Facebook's debut on Wall Street last week may have been so-so. But on Monday, it officially flopped.
Shares dropped 11 percent from the original starting price.
For the social-networking company, which declares that its mission is to "make the world more open and connected," the investors had a pointed response: Put up or shut up.
"We're very bullish on Facebook, but the share price just wasn't justified," said Rick Summer, an analyst at Morningstar. "It was overvalued."
Exactly what a share of a new company is worth is often a matter of much dispute, and Facebook's assessment of its own worth grew as the initial public offering approached.
The company initially said the appropriate range was $28 to $35. Then last week, as anticipation grew, it raised the range, $34 to $38.
On Friday, its first day of public trading, the company started selling stock at the high end of the second range, or $38.
Despite the hoopla that came with one of the largest offerings of U.S. stock, the reaction from investors was tepid. Share prices would have plunged immediately if not for the intervention of Morgan Stanley and other banks underwriting the company's public offering. They bought stock to prop up the price, and it closed Friday just above $38.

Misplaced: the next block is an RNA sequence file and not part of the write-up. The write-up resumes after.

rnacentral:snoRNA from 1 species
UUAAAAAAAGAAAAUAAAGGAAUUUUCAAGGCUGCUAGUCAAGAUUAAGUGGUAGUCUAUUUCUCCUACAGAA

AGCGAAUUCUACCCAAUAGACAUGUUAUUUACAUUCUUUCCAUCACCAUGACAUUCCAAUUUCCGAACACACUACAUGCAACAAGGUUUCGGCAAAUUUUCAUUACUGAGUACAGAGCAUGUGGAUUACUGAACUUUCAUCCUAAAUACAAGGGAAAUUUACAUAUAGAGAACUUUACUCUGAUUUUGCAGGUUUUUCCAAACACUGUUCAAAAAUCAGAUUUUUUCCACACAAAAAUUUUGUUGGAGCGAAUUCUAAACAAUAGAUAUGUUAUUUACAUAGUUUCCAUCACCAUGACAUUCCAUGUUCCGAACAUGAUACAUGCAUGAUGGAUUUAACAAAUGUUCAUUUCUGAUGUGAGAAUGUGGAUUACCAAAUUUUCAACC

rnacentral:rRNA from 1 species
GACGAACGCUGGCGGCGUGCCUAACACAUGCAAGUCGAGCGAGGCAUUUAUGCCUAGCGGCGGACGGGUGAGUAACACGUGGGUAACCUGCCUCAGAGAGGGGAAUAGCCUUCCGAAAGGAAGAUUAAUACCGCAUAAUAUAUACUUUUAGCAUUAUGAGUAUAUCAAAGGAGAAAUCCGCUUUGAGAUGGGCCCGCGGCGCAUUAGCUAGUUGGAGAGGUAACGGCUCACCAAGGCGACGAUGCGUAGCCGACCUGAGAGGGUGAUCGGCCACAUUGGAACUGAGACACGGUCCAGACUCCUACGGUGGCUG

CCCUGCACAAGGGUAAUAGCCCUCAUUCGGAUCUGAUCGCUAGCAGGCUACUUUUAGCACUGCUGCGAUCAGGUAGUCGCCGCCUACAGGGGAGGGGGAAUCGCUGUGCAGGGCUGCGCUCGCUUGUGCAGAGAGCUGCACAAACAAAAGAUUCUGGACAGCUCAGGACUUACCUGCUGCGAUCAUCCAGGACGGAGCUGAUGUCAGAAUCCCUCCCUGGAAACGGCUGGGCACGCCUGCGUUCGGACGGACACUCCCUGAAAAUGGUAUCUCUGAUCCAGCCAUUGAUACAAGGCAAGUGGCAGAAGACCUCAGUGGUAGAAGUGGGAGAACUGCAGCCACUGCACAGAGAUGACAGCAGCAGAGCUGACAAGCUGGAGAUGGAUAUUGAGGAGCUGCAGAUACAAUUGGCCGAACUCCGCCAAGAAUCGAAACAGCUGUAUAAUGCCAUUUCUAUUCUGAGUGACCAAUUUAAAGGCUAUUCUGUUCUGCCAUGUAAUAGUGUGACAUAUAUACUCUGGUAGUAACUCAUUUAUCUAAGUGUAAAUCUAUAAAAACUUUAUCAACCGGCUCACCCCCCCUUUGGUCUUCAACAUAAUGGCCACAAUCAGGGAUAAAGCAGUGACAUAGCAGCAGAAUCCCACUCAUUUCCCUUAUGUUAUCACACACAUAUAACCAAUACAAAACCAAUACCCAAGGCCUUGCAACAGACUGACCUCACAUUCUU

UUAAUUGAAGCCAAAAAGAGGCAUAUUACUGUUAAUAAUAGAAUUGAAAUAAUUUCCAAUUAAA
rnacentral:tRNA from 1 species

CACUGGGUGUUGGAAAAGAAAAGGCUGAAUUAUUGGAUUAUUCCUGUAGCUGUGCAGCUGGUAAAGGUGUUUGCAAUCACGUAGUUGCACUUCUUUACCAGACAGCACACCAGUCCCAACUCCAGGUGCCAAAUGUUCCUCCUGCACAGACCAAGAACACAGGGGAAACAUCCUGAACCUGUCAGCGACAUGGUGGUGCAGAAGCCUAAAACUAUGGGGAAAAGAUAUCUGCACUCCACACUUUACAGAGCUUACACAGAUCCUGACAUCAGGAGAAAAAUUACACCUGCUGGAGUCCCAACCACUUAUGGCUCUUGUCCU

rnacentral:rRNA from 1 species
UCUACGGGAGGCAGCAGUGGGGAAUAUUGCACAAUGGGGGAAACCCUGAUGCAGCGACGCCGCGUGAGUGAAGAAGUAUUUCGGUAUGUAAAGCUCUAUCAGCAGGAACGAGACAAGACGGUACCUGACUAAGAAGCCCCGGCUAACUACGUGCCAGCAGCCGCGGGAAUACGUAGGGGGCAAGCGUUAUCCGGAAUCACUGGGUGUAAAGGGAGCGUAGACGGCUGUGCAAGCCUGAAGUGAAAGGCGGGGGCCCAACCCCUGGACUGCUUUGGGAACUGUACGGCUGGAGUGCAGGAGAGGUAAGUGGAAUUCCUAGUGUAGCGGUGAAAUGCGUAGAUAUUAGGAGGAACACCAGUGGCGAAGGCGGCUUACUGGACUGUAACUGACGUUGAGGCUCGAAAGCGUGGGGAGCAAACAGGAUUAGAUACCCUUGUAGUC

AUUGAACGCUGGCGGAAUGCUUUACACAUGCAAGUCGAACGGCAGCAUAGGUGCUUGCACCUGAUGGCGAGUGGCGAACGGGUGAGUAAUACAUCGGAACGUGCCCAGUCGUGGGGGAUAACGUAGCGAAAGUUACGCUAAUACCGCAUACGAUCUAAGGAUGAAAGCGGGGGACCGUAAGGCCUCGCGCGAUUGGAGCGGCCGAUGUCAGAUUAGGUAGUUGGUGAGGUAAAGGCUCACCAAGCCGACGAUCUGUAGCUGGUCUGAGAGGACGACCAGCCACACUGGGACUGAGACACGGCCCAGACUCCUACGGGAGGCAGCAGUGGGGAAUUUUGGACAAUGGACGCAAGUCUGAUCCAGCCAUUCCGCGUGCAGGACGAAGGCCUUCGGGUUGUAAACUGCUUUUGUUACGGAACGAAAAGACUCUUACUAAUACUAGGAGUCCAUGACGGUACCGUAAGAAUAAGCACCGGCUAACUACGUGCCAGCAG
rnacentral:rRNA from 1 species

But at the opening bell Monday, the Facebook share price dropped and closed at $34. That one day of trading wiped out about $11 billion of the company's value, at least on paper. Chief executive Mark Zuckerberg personally lost about $2 billion Monday.
The drop doesn't damage Facebook, at least in immediate financial terms. It still raised $16 billion selling stock.
"The people who have to worry are the people who bought the stock on Friday," Summer said.
Indeed, the drop likely angered investors, leadingto a round of speculation about why Facebook isn't worth as much as some people thought.
"It was like trying to get a jumbo jet to take off in turbulent weather," said Kathleen Shelton Smith, principal of Renaissance Capital, an IPO research company. "It's going to be a bumpy ride."
Shares of some related social media companies also declined Monday. Zynga Inc., which makes FarmVille, CityVille and Mafia Wars and gets the bulk of its revenue from Facebook users, fell about 1 percent to $7.07. LinkedIn Corp., a network for professionals, dropped 1 percent to $97.99.